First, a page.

Corante

About this Author
DBL%20Hendrix%20small.png College chemistry, 1983

Derek Lowe The 2002 Model

Dbl%20new%20portrait%20B%26W.png After 10 years of blogging. . .

Derek Lowe, an Arkansan by birth, got his BA from Hendrix College and his PhD in organic chemistry from Duke before spending time in Germany on a Humboldt Fellowship on his post-doc. He's worked for several major pharmaceutical companies since 1989 on drug discovery projects against schizophrenia, Alzheimer's, diabetes, osteoporosis and other diseases. To contact Derek email him directly: derekb.lowe@gmail.com Twitter: Dereklowe

Chemistry and Drug Data: Drugbank
Emolecules
ChemSpider
Chempedia Lab
Synthetic Pages
Organic Chemistry Portal
PubChem
Not Voodoo
DailyMed
Druglib
Clinicaltrials.gov

Chemistry and Pharma Blogs:
Org Prep Daily
The Haystack
Kilomentor
A New Merck, Reviewed
Liberal Arts Chemistry
Electron Pusher
All Things Metathesis
C&E News Blogs
Chemiotics II
Chemical Space
Noel O'Blog
In Vivo Blog
Terra Sigilatta
BBSRC/Douglas Kell
ChemBark
Realizations in Biostatistics
Chemjobber
Pharmalot
ChemSpider Blog
Pharmagossip
Med-Chemist
Organic Chem - Education & Industry
Pharma Strategy Blog
No Name No Slogan
Practical Fragments
SimBioSys
The Curious Wavefunction
Natural Product Man
Fragment Literature
Chemistry World Blog
Synthetic Nature
Chemistry Blog
Synthesizing Ideas
Business|Bytes|Genes|Molecules
Eye on FDA
Chemical Forums
Depth-First
Symyx Blog
Sceptical Chymist
Lamentations on Chemistry
Computational Organic Chemistry
Mining Drugs
Henry Rzepa


Science Blogs and News:
Bad Science
The Loom
Uncertain Principles
Fierce Biotech
Blogs for Industry
Omics! Omics!
Young Female Scientist
Notional Slurry
Nobel Intent
SciTech Daily
Science Blog
FuturePundit
Aetiology
Gene Expression (I)
Gene Expression (II)
Sciencebase
Pharyngula
Adventures in Ethics and Science
Transterrestrial Musings
Slashdot Science
Cosmic Variance
Biology News Net


Medical Blogs
DB's Medical Rants
Science-Based Medicine
GruntDoc
Respectful Insolence
Diabetes Mine


Economics and Business
Marginal Revolution
The Volokh Conspiracy
Knowledge Problem


Politics / Current Events
Virginia Postrel
Instapundit
Belmont Club
Mickey Kaus


Belles Lettres
Uncouth Reflections
Arts and Letters Daily
In the Pipeline: Don't miss Derek Lowe's excellent commentary on drug discovery and the pharma industry in general at In the Pipeline

In the Pipeline

« Cox-2 Confusion | Main | Hey, I Could Patent That. . . »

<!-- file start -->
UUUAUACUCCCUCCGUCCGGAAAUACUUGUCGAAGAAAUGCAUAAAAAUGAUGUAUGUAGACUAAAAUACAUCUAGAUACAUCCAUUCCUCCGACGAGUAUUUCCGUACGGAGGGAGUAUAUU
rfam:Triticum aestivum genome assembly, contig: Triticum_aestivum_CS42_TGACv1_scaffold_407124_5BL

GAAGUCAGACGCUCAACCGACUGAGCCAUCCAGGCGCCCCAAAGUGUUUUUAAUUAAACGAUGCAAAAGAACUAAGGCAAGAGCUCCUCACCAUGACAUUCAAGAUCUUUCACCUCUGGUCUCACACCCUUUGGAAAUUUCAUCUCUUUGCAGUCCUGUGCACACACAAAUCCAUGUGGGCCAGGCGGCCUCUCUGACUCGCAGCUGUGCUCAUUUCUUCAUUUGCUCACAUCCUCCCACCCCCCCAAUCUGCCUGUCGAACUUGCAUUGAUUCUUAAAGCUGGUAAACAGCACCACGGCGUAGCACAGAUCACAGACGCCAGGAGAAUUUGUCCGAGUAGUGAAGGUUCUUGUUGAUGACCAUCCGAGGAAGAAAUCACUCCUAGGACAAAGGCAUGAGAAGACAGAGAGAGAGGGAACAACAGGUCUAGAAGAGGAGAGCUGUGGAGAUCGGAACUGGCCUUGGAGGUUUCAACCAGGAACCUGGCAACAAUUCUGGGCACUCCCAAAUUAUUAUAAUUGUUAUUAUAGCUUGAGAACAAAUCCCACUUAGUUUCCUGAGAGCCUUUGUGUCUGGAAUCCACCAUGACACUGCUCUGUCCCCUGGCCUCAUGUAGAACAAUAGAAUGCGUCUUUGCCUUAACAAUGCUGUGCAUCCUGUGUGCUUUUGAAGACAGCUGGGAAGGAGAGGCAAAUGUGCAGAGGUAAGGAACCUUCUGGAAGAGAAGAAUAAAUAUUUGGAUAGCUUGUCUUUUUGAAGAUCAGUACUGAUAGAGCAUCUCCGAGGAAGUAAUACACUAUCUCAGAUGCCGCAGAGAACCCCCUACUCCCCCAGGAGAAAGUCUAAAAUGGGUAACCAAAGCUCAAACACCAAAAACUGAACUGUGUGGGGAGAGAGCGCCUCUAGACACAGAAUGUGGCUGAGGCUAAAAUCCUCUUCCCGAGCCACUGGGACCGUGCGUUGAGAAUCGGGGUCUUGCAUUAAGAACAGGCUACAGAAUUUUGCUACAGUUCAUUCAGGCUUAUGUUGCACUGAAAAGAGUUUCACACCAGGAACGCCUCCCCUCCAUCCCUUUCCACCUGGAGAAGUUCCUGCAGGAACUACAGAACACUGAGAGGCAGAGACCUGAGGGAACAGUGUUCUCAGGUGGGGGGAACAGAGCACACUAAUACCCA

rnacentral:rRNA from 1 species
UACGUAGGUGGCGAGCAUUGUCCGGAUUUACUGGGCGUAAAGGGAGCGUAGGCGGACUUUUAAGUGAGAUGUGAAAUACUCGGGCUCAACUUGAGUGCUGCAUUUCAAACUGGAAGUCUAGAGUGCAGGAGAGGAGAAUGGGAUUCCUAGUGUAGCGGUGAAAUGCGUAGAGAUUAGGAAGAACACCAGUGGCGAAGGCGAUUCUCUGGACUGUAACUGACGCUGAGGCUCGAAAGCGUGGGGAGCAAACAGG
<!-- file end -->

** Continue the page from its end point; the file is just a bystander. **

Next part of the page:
October 20, 2004

Ping! Ping! Ping!

Email This Entry

Posted by Derek

I was using hydrogen chloride gas straight out of the cylinder today, first time I've done that in many years. That's a very different substance from regular hydrochloric acid, which is technically a solution of HCl gas in water. The straight stuff will really snap your head back if you get a whiff of it, which you'd better not since it does Bad Stuff to your lungs, as you'd imagine.

You need to rig up a trap for the vented gas, since it's rather bad form just to send it up the fume hood. The standard way is to bubble the excess through aqueous base to neutralize it, preferably rigged up so that the water doesn't have a clear path to go siphoning back into your reaction if the pressure goes haywire. Bubbling the HCl into a solvent like methanol always looks a little odd. You can send a pretty vigorous stream of the gas in one side and have very little coming out through the trap at all, since the methanol is soaking up so much of it.

These gas cylinders are under pressure, and the large ones look just like the helium tanks that non-scientists are familiar with from balloon vendors. The regulator valves on top of them need to be made of rather more robust material for an HCl tank than for helium - which is, after all, totally inert under all conditions short of the interior of the sun. Back in grad school, a corroded regulator (on a whopping big HCl cylinder) gave me a real scare as it threatened to give way and vent all the gas at the full tank-neck pressure of about 1500 psi. I had to go sit down for a while after that one.